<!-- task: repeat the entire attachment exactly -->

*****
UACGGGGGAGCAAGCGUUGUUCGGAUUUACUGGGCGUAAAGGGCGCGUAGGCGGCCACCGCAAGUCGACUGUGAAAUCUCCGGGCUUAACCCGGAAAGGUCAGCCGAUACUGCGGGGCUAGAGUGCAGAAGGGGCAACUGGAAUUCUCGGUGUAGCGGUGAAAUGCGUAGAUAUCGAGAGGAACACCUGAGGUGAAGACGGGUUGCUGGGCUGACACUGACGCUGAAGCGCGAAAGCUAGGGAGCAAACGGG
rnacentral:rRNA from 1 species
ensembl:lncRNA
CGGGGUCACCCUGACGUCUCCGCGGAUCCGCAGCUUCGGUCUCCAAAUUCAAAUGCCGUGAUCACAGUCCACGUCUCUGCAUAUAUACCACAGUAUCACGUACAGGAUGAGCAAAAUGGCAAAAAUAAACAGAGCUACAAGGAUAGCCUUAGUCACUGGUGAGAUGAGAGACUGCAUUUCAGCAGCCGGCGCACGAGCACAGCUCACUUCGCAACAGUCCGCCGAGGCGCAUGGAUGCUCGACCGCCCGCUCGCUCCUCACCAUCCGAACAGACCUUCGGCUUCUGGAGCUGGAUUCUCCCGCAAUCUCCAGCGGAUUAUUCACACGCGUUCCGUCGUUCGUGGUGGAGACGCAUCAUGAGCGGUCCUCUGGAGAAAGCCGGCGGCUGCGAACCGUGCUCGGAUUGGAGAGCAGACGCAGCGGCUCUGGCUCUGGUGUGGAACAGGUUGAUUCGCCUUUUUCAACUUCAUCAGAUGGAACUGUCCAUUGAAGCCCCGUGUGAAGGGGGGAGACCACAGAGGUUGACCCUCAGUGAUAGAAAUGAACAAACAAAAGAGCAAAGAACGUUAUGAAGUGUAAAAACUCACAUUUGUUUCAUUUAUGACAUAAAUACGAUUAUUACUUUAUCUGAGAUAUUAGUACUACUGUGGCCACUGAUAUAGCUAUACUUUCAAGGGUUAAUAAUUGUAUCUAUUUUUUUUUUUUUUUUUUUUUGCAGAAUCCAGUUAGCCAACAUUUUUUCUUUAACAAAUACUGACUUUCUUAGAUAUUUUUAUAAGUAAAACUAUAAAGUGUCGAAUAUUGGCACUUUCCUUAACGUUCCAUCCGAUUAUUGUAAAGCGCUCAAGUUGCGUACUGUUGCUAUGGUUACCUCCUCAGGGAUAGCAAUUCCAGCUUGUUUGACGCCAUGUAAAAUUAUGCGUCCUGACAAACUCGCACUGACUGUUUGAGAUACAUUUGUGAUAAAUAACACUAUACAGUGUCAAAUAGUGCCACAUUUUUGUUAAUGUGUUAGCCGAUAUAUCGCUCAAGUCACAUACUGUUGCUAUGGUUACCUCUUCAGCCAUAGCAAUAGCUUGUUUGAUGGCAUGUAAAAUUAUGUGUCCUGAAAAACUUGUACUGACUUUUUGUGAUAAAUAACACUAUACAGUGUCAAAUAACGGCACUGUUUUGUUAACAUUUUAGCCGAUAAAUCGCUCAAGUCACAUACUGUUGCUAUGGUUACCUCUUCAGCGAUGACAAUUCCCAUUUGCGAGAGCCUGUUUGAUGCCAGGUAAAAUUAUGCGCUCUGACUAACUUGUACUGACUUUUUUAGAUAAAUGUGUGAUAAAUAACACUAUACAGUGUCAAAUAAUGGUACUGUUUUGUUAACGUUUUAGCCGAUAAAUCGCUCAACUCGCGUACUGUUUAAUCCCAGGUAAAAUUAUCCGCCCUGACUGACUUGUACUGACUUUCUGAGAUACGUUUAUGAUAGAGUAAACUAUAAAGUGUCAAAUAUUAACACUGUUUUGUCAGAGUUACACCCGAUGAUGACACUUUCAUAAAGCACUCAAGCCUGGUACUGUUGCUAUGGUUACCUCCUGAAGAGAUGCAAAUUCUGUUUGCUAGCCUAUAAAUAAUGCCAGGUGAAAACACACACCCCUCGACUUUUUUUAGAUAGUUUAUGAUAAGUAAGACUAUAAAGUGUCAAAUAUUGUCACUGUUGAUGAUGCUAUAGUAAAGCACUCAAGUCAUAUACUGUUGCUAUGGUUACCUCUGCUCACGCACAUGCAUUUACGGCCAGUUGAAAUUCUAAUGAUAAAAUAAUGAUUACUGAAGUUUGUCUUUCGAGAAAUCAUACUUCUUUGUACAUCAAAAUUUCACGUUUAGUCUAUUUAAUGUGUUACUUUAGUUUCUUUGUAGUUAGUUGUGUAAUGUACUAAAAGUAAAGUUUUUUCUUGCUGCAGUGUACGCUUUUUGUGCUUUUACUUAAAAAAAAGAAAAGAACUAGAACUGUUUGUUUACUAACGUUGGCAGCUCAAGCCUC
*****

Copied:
UACGGGGGAGCAAGCGUUGUUCGGAUUUACUGGGCGUAAAGGGCGCGUAGGCGGCCACCGCAAGUCGACUGUGAAAUCUCCGGGCUUAACCCGGAAAGGUCAGCCGAUACUGCGGGGCUAGAGUGCAGAAGGGGCAACUGGAAUUCUCGGUGUAGCGGUGAAAUGCGUAGAUAUCGAGAGGAACACCUGAGGUGAAGACGGGUUGCUGGGCUGACACUGACGCUGAAGCGCGAAAGCUAGGGAGCAAACGGG
rnacentral:rRNA from 1 species
ensembl:lncRNA
CGGGGUCACCCUGACGUCUCCGCGGAUCCGCAGCUUCGGUCUCCAAAUUCAAAUGCCGUGAUCACAGUCCACGUCUCUGCAUAUAUACCACAGUAUCACGUACAGGAUGAGCAAAAUGGCAAAAAUAAACAGAGCUACAAGGAUAGCCUUAGUCACUGGUGAGAUGAGAGACUGCAUUUCAGCAGCCGGCGCACGAGCACAGCUCACUUCGCAACAGUCCGCCGAGGCGCAUGGAUGCUCGACCGCCCGCUCGCUCCUCACCAUCCGAACAGACCUUCGGCUUCUGGAGCUGGAUUCUCCCGCAAUCUCCAGCGGAUUAUUCACACGCGUUCCGUCGUUCGUGGUGGAGACGCAUCAUGAGCGGUCCUCUGGAGAAAGCCGGCGGCUGCGAACCGUGCUCGGAUUGGAGAGCAGACGCAGCGGCUCUGGCUCUGGUGUGGAACAGGUUGAUUCGCCUUUUUCAACUUCAUCAGAUGGAACUGUCCAUUGAAGCCCCGUGUGAAGGGGGGAGACCACAGAGGUUGACCCUCAGUGAUAGAAAUGAACAAACAAAAGAGCAAAGAACGUUAUGAAGUGUAAAAACUCACAUUUGUUUCAUUUAUGACAUAAAUACGAUUAUUACUUUAUCUGAGAUAUUAGUACUACUGUGGCCACUGAUAUAGCUAUACUUUCAAGGGUUAAUAAUUGUAUCUAUUUUUUUUUUUUUUUUUUUUUGCAGAAUCCAGUUAGCCAACAUUUUUUCUUUAACAAAUACUGACUUUCUUAGAUAUUUUUAUAAGUAAAACUAUAAAGUGUCGAAUAUUGGCACUUUCCUUAACGUUCCAUCCGAUUAUUGUAAAGCGCUCAAGUUGCGUACUGUUGCUAUGGUUACCUCCUCAGGGAUAGCAAUUCCAGCUUGUUUGACGCCAUGUAAAAUUAUGCGUCCUGACAAACUCGCACUGACUGUUUGAGAUACAUUUGUGAUAAAUAACACUAUACAGUGUCAAAUAGUGCCACAUUUUUGUUAAUGUGUUAGCCGAUAUAUCGCUCAAGUCACAUACUGUUGCUAUGGUUACCUCUUCAGCCAUAGCAAUAGCUUGUUUGAUGGCAUGUAAAAUUAUGUGUCCUGAAAAACUUGUACUGACUUUUUGUGAUAAAUAACACUAUACAGUGUCAAAUAACGGCACUGUUUUGUUAACAUUUUAGCCGAUAAAUCGCUCAAGUCACAUACUGUUGCUAUGGUUACCUCUUCAGCGAUGACAAUUCCCAUUUGCGAGAGCCUGUUUGAUGCCAGGUAAAAUUAUGCGCUCUGACUAACUUGUACUGACUUUUUUAGAUAAAUGUGUGAUAAAUAACACUAUACAGUGUCAAAUAAUGGUACUGUUUUGUUAACGUUUUAGCCGAUAAAUCGCUCAACUCGCGUACUGUUUAAUCCCAGGUAAAAUUAUCCGCCCUGACUGACUUGUACUGACUUUCUGAGAUACGUUUAUGAUAGAGUAAACUAUAAAGUGUCAAAUAUUAACACUGUUUUGUCAGAGUUACACCCGAUGAUGACACUUUCAUAAAGCACUCAAGCCUGGUACUGUUGCUAUGGUUACCUCCUGAAGAGAUGCAAAUUCUGUUUGCUAGCCUAUAAAUAAUGCCAGGUGAAAACACACACCCCUCGACUUUUUUUAGAUAGUUUAUGAUAAGUAAGACUAUAAAGUGUCAAAUAUUGUCACUGUUGAUGAUGCUAUAGUAAAGCACUCAAGUCAUAUACUGUUGCUAUGGUUACCUCUGCUCACGCACAUGCAUUUACGGCCAGUUGAAAUUCUAAUGAUAAAAUAAUGAUUACUGAAGUUUGUCUUUCGAGAAAUCAUACUUCUUUGUACAUCAAAAUUUCACGUUUAGUCUAUUUAAUGUGUUACUUUAGUUUCUUUGUAGUUAGUUGUGUAAUGUACUAAAAGUAAAGUUUUUUCUUGCUGCAGUGUACGCUUUUUGUGCUUUUACUUAAAAAAAAGAAAAGAACUAGAACUGUUUGUUUACUAACGUUGGCAGCUCAAGCCUC